In a few minutes Anush serves the pilaf with kufta, mushrooms and spelt. She cuts the kufta balls roundish. She puts the spelt in the middle of a plate, and arranges kuftas around it. She adds the mushrooms with stewed onions on the spelt. Before serving, she sprinkles black pepper on kuftas.
“By the way, it is necessary to eat spelt the way Gavartsis do – with lavash (Armenian traditional flat bread), taking each bite with a piece of lavash,” Ansuh says and shows the eating process like a true Gavartsi.

The following ingredients are necessary to cook pilaf with kufta, mushrooms and spelt:
1 kg kufta meat
2 cups spelt
½ kg mushrooms
3 onions
250 grams butter
1 egg
1 tablespoon flour
1 teaspoon cognac
½ teaspoon black pepper
tarragon
salt – depending on taste
black pepper – depending on taste


How to prepare the dish:

Add one chopped onion, 1 egg, 1 tablespoon flour, 1 teaspoon cognac (or vodka), ½ teaspoon black pepper, chopped tarragon to 1 kg kufta meat, and start beating by hand. When it is mixed, pound the meat by hand, gradually adding ½ glass of water. Add the water little by little. Pound the meat by palm for some 15-20 minutes. Pour 1 liter of water into a pot and put it on heat. When the water is about to boil, and when the water bubbles appear on the surface of the water, make a ladle wet leaving a drop of water in the ladle, and then put the meat into the ladle by hand. After rounding the meat in the ladle, lower the meat balls down the pot and start stirring it. The kufta balls appear in the pot. In some 15 minutes, add 2 cups of spelt, previously cleaned, into the water where the kufta is being cooked, and salt according to taste. While the kufta and spelt are being cooked, prepare mushrooms.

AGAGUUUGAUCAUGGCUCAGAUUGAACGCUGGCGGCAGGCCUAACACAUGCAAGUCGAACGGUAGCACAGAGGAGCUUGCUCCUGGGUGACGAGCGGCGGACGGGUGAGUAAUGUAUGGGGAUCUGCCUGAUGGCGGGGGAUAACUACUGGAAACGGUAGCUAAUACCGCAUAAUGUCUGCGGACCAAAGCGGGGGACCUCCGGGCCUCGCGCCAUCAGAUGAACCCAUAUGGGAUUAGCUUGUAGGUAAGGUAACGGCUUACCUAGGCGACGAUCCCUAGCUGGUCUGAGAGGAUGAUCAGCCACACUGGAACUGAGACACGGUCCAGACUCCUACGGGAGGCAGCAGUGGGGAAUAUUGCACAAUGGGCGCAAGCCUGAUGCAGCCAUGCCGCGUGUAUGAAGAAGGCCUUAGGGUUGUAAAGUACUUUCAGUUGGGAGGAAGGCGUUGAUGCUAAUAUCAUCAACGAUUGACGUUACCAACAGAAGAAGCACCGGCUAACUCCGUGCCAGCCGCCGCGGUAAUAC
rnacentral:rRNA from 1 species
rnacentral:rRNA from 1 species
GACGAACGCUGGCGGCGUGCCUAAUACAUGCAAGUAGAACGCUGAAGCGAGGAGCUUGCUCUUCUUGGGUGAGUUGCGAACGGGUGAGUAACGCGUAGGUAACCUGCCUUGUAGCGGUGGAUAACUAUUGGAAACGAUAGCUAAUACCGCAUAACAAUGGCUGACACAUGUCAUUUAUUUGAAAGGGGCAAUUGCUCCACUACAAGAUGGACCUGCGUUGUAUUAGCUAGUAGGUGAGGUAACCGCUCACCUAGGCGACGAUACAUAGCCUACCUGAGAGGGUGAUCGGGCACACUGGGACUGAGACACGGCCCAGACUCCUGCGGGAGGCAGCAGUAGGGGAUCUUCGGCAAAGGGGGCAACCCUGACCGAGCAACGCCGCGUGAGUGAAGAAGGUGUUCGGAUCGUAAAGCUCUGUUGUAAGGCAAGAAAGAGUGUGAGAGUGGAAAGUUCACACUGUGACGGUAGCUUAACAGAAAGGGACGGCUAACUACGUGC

Clean and wash ½ kg mushrooms, warm a frying-pan, and add 200 grams butter. When the butter melts, add the mushrooms cut into big pieces. Wait until the mushrooms juice disappears, and add some salt to the mushrooms depending on taste. Cut 2 onions like half-moons. When the water disappears, add the onion. When the spelt absorbs kufta’s water, close the pan with a lid tight and cover with a towel, leaving for several minutes.

While serving, cut kufta balls roundish, put the pilaf in the middle of a plate, and arrange the cut kuftas around it. Put the mushrooms with stewed onions on the pilaf. In case of serving guests who prefer no onions, serve the mushrooms in a separate plate. Sprinkle black pepper on kuftas.